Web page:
In fact, motor vehicles are the number one killer of American teenagers. According to statistics, someone is killed by a teenage driver every thirty-one minutes and every sixty-six minutes by a drunk driver. Pessimists - 1 point, Optimists - 0. To avoid these stats, it seems that one simply has to be a ‘better driver.’ But how? The obvious answer today would to be to take a Driver’s Ed class. It is true- Driver’s Ed is a great way to increase your confidence as a driver and learn the basic rules for the side-streets and highways, but what about when you have questions on air-pressure for tires? How do you deal with the drunk driver heading towards you going 80 miles per hour on a side street?
It is real life situations such as these that no one is prepared for during Driver’s Ed with your high school history teacher as the instructor. When it comes to driving, you should receive instruction from the best - the professionals, and that is what “Driver’s Edge,” a non-profit organization, supplies to numerous states in America. Jeff Payne (founder) and Steve Tepper (president), along with numerous highly acknowledged professional drivers travel with the “Driver’s Edge” to one state per weekend and administer completely free sessions of driving lessons. Each session has a course of four lessons that deal heavily with defensive-driving, automobile maintenance knowledge, and driving law enforcement.
“We are not taught how to drive, we are taught how to pass a test,” stated Jeff Payne at the 2011 “Driver’s Edge” event in Phoenix. At the beginning of the class, he had all the participants take a pre-test - one of the tasks being to rate their driving skill on a scale of 1 to 10. (1 being poor, 10 being excellent) Arrogantly, almost all the teenagers answered 7 through 10. Opening the eyes of the Phoenix citizens, Jeff declared that no one in the room, except the professionals, were in the 7 to 10 range. At best, the teenagers were 3’s or 4’s while the adults were possibly 5’s or 6’s. These were not words coming from harsh bitterness, but words of reality.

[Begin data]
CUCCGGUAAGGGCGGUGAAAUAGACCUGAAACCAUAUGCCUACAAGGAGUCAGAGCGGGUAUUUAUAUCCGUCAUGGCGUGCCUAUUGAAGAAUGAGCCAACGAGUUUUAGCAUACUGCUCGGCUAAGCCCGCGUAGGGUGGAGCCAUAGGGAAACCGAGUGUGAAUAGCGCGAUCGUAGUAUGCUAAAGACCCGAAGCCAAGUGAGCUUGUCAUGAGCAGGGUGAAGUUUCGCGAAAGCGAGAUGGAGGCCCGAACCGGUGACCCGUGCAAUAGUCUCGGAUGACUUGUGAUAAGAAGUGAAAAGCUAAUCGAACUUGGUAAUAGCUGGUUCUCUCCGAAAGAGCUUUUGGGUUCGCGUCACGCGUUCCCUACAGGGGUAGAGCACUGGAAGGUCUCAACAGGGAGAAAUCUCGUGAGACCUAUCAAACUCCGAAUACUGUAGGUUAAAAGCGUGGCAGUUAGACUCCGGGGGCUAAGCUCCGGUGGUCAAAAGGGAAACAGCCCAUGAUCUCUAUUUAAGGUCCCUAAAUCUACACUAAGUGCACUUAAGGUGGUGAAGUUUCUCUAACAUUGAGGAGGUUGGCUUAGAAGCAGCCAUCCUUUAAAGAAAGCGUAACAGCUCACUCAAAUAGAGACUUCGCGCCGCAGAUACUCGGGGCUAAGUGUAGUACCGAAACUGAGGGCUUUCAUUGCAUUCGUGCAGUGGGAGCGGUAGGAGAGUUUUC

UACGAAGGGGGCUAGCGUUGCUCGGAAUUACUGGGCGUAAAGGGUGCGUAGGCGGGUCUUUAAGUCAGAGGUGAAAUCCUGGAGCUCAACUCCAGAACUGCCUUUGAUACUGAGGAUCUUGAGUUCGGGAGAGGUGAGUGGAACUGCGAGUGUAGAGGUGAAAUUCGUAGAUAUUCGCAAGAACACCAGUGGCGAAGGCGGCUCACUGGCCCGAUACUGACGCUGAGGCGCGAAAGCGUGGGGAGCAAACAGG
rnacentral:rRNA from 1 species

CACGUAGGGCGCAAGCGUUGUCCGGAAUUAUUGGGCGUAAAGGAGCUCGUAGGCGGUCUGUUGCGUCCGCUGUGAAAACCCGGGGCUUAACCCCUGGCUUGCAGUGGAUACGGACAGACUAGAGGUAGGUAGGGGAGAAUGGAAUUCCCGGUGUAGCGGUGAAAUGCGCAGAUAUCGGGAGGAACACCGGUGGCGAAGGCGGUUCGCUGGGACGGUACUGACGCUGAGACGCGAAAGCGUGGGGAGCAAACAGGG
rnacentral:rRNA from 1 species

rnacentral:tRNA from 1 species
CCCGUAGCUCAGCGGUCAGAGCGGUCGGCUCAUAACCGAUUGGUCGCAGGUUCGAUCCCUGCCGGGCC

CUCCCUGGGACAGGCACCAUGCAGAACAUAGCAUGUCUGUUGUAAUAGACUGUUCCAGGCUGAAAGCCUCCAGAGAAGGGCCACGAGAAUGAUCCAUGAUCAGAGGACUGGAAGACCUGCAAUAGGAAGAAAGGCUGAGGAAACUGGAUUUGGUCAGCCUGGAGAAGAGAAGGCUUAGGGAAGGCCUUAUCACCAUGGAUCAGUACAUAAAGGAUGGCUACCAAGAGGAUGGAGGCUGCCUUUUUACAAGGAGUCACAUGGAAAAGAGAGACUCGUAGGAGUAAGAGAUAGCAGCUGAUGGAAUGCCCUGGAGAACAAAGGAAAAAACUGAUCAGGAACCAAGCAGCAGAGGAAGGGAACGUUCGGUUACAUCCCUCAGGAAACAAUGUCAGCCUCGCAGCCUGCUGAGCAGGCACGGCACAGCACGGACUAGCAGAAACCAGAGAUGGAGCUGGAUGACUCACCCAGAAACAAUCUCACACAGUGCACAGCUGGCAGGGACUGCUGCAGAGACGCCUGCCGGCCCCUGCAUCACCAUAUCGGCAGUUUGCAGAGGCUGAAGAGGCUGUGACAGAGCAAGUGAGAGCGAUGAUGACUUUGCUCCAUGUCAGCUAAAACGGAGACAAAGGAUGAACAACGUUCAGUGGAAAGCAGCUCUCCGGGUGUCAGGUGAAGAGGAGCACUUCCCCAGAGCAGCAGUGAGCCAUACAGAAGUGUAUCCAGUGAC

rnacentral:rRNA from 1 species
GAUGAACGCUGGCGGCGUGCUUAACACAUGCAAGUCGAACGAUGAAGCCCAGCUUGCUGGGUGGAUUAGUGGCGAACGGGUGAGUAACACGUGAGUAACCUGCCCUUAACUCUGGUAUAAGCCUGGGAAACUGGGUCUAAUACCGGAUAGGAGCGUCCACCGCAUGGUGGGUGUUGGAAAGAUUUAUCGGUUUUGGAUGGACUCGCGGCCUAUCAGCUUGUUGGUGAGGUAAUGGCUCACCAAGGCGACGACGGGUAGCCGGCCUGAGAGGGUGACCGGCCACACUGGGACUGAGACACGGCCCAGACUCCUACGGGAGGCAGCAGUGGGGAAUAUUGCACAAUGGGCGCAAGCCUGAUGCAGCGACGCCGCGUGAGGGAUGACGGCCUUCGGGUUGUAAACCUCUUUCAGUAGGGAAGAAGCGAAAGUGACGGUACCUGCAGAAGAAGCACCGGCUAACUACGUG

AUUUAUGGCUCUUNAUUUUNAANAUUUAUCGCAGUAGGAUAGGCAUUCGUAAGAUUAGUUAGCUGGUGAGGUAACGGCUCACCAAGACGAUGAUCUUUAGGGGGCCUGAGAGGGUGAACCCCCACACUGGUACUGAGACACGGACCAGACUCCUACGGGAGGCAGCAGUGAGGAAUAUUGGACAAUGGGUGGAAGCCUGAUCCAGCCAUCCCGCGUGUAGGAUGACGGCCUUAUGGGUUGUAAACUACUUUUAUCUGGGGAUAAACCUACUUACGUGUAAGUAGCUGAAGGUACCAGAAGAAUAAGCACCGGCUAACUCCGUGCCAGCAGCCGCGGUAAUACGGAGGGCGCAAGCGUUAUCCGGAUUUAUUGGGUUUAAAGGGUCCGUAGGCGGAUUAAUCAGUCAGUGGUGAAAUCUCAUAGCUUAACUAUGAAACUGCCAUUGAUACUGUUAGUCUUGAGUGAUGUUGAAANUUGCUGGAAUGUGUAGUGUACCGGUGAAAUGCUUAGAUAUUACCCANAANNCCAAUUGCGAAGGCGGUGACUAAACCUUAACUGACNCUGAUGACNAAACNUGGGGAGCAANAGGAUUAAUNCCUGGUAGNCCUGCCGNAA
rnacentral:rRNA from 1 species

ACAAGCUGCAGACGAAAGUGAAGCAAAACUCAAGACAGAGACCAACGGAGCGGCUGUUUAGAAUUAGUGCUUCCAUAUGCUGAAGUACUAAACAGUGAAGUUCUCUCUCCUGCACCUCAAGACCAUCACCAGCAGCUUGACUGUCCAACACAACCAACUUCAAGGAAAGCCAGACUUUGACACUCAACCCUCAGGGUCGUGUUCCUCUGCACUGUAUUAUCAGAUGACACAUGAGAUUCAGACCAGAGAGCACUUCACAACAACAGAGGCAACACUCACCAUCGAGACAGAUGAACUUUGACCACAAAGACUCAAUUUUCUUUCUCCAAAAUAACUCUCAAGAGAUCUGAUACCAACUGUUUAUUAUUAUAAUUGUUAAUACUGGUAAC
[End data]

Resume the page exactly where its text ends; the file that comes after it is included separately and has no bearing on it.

To bring relief back to the crowd however, Jeff told everyone that it was no one particular person’s fault, simply a defect in the system that he and the rest of his staff were trying to fix. After the speech, the participants were brought outside to the Firebird International Raceway where brand new, high-performance, shiny BMW’s awaited them. All participants got to punch the gas, travel 200 feet on a wet street, and skid at a 90 degree angle! Anxious and scared teenagers watched and heard the engines rev and the tires screech loudly. While most participants entered the BMW’s nervously with faces appearing ready to vomit, they exited with smiles beaming and confidence radiating.
azTeen checked in with a few of the participants:
azTeen: What were you thinking about when you were behind the wheel and ready to go?
Participant 1: It’s scary, and it’s fun. And like, there’s a bunch of things going through your head at the same time like ‘Am I going to make it? What am I doing wrong?’ The main thing you’re doing though is reacting. You react more than you think.
azTeen: How did you feel at the end?
Participant 1: I was nervous [about] like turning in and turning out and trying not to skid...but [once you do it right] you get like a lot of confidence.
azTeen: Do you think this experience helped you for a potential real-life situation?
Participant 2: Oh yeah. Definitely because I mean, if that had happened to me in real life (skidding out) I would have had no idea of what I was supposed to do.
At the end of the event a parent commented on the program:
azTeen: Did you find the Driver’s Edge program helpful and well educating?
Parent: Yes! Definitely! Absolutely! (He was very enthusiastic)
azTeen: Would you recommend this course for others?
Parents: Yes, for sure.
Parents: Because it gives you knowledge and experience for real emergency situations that other places [Driver’s Ed courses] don’t teach you.
It is clearly shown that the non-profit “Driver’s Edge” organization is an extremely beneficial program for drivers. The owners and staff members are truly in it for the right reasons, and not only is it informative, but it is extremely fun! What other driving class can you think of where you train with professional drivers in shiny, new BMW’s skidding across the wet roads, yet be completely safe, and all for free?
To participate in the Driver’s Edge’s next events check out their website at www.driversedge.org and visit/like them on facebook. On their website, you can see when they will be coming back to Arizona, (they come annually, but are hoping to come twice a year next season) and you can register online in about 10 minutes, completely free. Don’t miss out on this once in a lifetime opportunity.
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